In order to make a disability determination under the SSA, a five-step sequential evaluation must be applied. 20 C.F.R. §§ 404.1520, 416.920. The evaluation consists of the following phases: (1) whether the claimant is currently engaged in substantial gainful activity; (2) if not, whether the claimant has a severe impairment; (3) if so, whether the claimant's severe impairment meets or equals the criteria of an impairment listed in 20 C.F.R. pt. 404, subpt. P, app. 1; (4) if not, whether the claimant's impairment prevents him from performing his past relevant work; and (5) if so, whether the claimant can perform any other work which exists in the national economy in light of his age, education, work experience, and residual functional capacity. 20 C.F.R. §§ 404.1520, 416.920; see Sykes v. Apfel, 228 F.3d 259, 262-63 (3d Cir. 2000). If the plaintiff fails to meet the burden of proving the requirements in the first four steps, the administrative law judge may find that the plaintiff is not disabled. Burns, 312 F.3d at 119. The Commissioner is charged with the burden of proof with respect to the fifth step in the evaluation process. Id.

In the instant case, the ALJ found plaintiff met the insured status requirements of the SSA through December 31, 2005, but not thereafter. With respect to the sequential evaluation, the ALJ found: (1) plaintiff had not engaged in substantial gainful activity since February 28, 2001; (2) plaintiff did not have a severe mental impairment and suffers from cervical disc disease, post laminectomy syndrome, and since the date last insured, right knee anterior cruciate ligament and meniscal tears, hepatitis and gastroesophageal reflux disease; (3) plaintiff does not have an impairment or combination of impairments that meets or medically equals one of the listed impairments in 20 C.F.R. pt. 404, subpt. P, app. 1; (4) plaintiff cannot return to any past relevant work; and (5) since plaintiff has the residual functional capacity to perform the full range of sedentary work*fn15 activity as defined in 20 C.F.R. §§ 404.1567(a) and 416.967(a) and considering his age, education and work experience, there were jobs in the national economy that plaintiff could perform. (R. at 11-19.)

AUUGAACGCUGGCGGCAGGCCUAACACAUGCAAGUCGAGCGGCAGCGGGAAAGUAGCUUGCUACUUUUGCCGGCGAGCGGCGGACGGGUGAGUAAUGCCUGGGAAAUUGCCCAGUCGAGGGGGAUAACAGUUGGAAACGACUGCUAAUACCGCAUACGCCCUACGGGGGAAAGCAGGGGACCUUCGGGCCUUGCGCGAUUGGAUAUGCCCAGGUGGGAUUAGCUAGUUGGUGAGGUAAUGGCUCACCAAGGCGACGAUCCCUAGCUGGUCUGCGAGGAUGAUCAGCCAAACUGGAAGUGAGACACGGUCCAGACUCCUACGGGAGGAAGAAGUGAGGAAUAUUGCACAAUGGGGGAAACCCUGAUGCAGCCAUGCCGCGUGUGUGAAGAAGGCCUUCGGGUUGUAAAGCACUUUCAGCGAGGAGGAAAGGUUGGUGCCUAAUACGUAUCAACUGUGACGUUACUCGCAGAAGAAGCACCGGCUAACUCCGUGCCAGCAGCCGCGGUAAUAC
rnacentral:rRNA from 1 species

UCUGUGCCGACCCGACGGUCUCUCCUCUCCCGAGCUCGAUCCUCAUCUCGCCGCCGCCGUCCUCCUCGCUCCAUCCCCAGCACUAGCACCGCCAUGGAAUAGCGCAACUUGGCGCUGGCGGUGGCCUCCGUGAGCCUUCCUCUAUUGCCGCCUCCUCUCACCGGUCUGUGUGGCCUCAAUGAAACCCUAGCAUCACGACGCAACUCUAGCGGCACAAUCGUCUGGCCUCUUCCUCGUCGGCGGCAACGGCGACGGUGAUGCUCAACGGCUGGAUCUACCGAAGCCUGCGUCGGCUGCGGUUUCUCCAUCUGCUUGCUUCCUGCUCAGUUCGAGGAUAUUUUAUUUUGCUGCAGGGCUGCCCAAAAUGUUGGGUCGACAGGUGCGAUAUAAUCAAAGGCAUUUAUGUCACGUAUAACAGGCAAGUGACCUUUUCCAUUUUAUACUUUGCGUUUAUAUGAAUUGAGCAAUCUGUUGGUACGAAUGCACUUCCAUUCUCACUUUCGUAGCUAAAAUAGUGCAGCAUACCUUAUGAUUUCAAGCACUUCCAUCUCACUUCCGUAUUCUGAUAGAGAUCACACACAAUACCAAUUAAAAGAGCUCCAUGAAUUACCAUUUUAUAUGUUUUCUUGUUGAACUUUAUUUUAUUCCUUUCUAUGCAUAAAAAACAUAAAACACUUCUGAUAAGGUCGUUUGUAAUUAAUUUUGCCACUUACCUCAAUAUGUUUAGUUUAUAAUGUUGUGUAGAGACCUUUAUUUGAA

Plaintiff raises two main issues:

1. Whether the ALJ's finding that plaintiff did not have a severe mental impairment was supported by substantial evidence and adequately explained.

2. Whether the ALJ rejected medical opinion evidence without an adequate explanation.

Each of these issues will be addressed.

A. Whether the ALJ's Finding that Plaintiff did not have a Severe Mental Impairment was Supported by Substantial Evidence and Adequately Explained.*fn16

At step two of the sequential analysis the ALJ found that plaintiff's "adjustment disorder with mixed disturbance of emotion and conduct and alcohol dependence do not cause more than minimal limitations in the [plaintiff's] ability to perform basic mental work activities and are therefore non-severe." (R. at 12.) In making this determination, plaintiff argues that the ALJ failed to consider all the evidence related to plaintiff's mental impairments, the ALJ's analysis is not supported by substantial evidence in the record and this finding is inadequately explained.